Gary Amendola Fun Fund at Camp Good Days Former Woods Oviatt Partner Gary Amendola (posthumously) and The Gary Amendola Fun Fund at Woods Oviatt were recently inducted in to the Camp Good Days and Special Times’ Ring of Honor at a dinner on March 9th, 2012. The Ring of Honor was established as part of Camp Good Days’ 25th Anniversary Celebration in 2004 and includes those who are selected for their outstanding dedication, commitment, and support of the thousands of children and families served over the years. In addition to their award, inductee’s names will be included in the permanent Ring of Honor display, which is located at the Camp Good Days’ Recreational Facility in Branchport, NY, for all to see.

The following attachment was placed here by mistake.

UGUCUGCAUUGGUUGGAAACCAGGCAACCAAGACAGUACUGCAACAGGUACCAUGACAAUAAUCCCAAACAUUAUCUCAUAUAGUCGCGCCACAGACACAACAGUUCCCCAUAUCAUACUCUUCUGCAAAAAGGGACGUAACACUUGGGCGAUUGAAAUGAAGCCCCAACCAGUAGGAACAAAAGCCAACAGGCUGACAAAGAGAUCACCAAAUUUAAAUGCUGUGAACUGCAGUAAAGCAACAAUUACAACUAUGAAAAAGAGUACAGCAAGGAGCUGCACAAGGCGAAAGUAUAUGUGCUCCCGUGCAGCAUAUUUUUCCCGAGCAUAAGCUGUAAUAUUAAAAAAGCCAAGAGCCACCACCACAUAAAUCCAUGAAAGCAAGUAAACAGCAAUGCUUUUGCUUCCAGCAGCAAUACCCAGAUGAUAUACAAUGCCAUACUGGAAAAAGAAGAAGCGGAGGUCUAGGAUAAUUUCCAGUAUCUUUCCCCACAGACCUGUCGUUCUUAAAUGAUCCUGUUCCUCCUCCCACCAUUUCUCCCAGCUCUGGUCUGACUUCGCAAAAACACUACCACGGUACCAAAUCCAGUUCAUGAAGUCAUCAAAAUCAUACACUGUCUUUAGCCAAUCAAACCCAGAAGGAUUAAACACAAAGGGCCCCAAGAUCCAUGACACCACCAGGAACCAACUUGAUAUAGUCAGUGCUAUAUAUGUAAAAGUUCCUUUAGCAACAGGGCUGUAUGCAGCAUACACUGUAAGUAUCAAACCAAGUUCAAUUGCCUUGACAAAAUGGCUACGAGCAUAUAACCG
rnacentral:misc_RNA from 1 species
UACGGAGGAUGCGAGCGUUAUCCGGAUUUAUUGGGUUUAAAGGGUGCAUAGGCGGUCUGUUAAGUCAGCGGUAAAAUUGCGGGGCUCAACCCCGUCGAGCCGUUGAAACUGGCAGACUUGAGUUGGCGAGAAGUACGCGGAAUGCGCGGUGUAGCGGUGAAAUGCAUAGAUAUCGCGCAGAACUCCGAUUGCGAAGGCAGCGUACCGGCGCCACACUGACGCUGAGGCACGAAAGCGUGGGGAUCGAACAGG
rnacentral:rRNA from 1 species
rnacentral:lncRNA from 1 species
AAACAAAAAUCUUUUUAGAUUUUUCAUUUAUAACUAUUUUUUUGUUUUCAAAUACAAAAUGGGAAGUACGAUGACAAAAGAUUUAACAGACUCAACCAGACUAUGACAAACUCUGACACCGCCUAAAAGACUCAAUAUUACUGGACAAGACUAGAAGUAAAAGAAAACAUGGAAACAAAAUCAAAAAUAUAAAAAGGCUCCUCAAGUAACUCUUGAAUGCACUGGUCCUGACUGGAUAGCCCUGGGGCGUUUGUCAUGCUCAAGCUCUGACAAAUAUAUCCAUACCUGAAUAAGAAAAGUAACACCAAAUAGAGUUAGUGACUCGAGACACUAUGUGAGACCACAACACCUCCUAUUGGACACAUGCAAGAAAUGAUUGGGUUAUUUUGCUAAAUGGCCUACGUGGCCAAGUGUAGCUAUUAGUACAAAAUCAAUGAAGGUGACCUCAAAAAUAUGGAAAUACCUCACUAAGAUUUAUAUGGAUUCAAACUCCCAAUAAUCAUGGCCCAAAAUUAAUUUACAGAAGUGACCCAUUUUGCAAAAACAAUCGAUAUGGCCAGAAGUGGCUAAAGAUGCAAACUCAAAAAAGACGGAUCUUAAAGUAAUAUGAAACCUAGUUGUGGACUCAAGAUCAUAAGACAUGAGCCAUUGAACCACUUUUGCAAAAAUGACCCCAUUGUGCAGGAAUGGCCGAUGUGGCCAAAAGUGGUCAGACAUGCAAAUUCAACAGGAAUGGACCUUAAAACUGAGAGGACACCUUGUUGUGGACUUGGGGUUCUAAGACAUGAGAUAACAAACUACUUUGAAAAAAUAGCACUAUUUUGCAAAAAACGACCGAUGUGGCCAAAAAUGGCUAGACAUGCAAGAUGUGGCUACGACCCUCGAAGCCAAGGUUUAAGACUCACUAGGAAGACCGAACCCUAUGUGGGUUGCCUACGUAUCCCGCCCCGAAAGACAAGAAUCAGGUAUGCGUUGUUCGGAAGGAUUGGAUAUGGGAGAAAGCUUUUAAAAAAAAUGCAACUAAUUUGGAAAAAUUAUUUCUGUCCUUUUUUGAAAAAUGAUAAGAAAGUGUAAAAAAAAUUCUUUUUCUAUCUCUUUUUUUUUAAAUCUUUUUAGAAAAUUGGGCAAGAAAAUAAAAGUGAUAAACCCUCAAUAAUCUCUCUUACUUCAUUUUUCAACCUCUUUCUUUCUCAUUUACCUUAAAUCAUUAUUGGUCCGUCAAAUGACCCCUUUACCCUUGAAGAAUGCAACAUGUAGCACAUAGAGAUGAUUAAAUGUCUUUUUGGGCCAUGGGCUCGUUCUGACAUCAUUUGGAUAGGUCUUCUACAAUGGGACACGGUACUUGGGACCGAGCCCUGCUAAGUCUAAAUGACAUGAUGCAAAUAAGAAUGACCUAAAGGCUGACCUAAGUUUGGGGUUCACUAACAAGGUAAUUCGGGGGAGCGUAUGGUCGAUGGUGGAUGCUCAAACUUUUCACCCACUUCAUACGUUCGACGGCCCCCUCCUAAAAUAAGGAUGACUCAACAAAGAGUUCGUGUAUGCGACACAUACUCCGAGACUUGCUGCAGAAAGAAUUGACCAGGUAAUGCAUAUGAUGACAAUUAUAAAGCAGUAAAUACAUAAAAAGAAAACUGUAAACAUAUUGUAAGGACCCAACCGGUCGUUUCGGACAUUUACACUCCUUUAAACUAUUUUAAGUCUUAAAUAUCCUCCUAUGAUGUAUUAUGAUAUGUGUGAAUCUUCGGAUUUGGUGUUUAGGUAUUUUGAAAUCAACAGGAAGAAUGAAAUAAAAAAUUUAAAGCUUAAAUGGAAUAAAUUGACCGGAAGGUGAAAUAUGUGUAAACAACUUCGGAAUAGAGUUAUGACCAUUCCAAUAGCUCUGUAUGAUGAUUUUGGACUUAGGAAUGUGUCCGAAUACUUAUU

Jim McElheny accepts the award from Gary Mervis, founder of Camp Good Days and Special Times and is joined by Gary Amendola’s widow, Linda Wayland-Smith.
Day of Caring Volunteer Day On May 10th several members of Woods Oviatt represented the firm as volunteers for a United Way project of beautifying the grounds of two Christian Heritage houses in Chili. Many thanks for all the hard work goes out to: Tom Gilman, Rita Thomas, Lori Appoloney, Ines Monks, Judy Same, Bob McElroy, Bonnie Houghtling, Monica Culligan and Bonnie Brooks.
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Opportunity Knocks …continued from page 5